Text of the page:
The trend toward distributing automation and motion control devices is enabling the move to modular machine designs, and has become a large part of the underlying value proposition for integrated motor drives that incorporate servo technology.
The result is that more automation suppliers are introducing integrated motor drive offerings and there is a push to adding advanced solutions. New products for easily interfacing remote distributed I/O, the ability to execute repetitive motion sequences in firmware, and safety on a per-axis basis are making systems more potent than ever before.
Modular machine design
Robert Muehlfellner, director of automation technology for B&R Automation, told Design News:
Achieving greater modularity in machine building is an overall trend among automation machine builders. Customers are demanding greater flexibility and versatility of the equipment they are building with the shift away from machines being built to stock and sold off-the-shelf. Many machines are now designed and built to order, and the challenge has been for the machine builder to come up with modular designs that can be combined in different configurations, for differing requirements.
Modular design is increasingly an answer to the need for OEM machinery builders to create custom machinery. And while machinery builders have done a good job of doing this mechanically with machine sections that can be reused and reconfigured, the electronics in these types of systems has always been a difficult problem. The typical approach in the past has been a central electrical enclosure, with ample additional space in the control cabinet for any possible options even if individual systems often didn't require them.
A modular control architecture utilizing remote I/O, drives, and cameras with only some base components remaining in a central enclosure is shown using the example of a modular packaging machine.
Muehlfellner told us:
Another important trend in modular design is the adoption of distributed I/O in both the IP67 format and now with motor-mounted drives or machine-mounted drives that are installed near a motor. Getting the power conversion out of the enclosure and out onto the machine is an advantage. This is a logical continuation from distributed I/O to drives, and extends what we have seen happening with I/O for several years now.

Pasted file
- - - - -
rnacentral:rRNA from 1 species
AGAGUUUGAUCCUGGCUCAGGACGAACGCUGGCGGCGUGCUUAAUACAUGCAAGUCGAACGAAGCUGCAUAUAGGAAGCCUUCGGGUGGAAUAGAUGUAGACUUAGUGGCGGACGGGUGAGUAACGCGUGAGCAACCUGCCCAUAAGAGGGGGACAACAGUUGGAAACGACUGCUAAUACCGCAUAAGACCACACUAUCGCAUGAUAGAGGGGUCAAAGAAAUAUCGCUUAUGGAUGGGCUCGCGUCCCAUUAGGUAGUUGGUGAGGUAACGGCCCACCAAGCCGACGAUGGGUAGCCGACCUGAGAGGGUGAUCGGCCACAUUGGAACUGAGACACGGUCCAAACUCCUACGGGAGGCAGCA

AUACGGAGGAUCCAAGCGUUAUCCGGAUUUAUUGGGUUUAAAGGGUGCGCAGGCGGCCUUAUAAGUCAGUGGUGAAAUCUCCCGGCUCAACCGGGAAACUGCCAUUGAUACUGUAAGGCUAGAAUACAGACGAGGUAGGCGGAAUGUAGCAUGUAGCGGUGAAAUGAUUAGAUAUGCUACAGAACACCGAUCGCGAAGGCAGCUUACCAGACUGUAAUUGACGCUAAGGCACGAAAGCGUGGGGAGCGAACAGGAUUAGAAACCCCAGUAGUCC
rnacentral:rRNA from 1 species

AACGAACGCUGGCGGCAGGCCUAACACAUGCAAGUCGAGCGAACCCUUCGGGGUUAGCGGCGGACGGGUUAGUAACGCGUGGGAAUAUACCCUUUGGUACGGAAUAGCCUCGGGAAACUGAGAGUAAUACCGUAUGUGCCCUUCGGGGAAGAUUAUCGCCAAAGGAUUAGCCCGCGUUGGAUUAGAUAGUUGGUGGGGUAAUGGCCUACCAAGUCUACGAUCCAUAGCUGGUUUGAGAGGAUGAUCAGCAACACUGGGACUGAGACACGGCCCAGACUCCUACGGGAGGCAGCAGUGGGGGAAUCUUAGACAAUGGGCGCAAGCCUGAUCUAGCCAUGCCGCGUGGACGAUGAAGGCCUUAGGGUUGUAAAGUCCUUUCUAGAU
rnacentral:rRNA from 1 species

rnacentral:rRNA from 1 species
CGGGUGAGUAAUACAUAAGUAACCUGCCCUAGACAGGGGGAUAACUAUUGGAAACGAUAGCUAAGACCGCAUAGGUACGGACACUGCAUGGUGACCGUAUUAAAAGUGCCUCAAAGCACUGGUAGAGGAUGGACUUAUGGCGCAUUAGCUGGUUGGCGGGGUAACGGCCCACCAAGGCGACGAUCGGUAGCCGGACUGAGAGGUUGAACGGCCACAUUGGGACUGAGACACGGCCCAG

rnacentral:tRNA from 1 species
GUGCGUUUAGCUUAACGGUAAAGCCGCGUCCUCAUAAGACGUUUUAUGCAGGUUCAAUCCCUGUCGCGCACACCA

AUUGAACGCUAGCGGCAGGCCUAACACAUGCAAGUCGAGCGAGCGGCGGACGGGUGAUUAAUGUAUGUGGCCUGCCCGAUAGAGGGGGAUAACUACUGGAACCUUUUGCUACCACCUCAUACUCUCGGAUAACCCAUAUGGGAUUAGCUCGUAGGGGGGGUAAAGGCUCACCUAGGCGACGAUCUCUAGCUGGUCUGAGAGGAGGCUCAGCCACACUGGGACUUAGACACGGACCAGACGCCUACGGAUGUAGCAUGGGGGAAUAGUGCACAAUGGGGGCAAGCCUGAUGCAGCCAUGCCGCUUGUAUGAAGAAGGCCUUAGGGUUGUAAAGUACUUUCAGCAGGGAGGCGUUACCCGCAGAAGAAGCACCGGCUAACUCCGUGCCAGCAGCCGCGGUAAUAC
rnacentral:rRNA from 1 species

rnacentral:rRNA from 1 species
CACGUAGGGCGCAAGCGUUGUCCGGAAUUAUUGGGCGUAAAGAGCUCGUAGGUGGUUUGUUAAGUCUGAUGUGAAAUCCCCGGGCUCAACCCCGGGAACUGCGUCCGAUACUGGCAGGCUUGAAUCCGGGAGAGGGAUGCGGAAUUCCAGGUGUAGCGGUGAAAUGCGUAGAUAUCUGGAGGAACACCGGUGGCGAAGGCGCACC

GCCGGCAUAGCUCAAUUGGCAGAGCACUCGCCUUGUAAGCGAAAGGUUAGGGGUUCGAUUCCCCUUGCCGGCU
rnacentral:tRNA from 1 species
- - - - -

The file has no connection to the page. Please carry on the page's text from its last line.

This decentralized architecture also benefits from increasing use of a single cable connection for all of the individual modules of the modular machine. As machine modules are built mechanically, the electronic components (motors, integrated drives, distributed I/O, safety devices) can all be mounted on the machine close to the actuation point where the motion is happening.
Connecting one machine module to the next can be accomplished using a single hybrid cable that carries the power and control voltages, communication, and safety signals. The modular approach has been advancing step-by-step from mechanical modular design, to electrical modular design using a single connecting cable, and following through on the software side with modular engineering process tools.
Muehlfellner said motor-integrated drives make the most sense on machines with a larger footprint that implement a higher number of servo axes (four axes and up). Packaging, converting, and paper handling are good examples of the type of equipment that would benefit from this approach. The technology is available in a limited power range (1kW to 5kW) although B&R sees that range expanding, in the future, in both directions.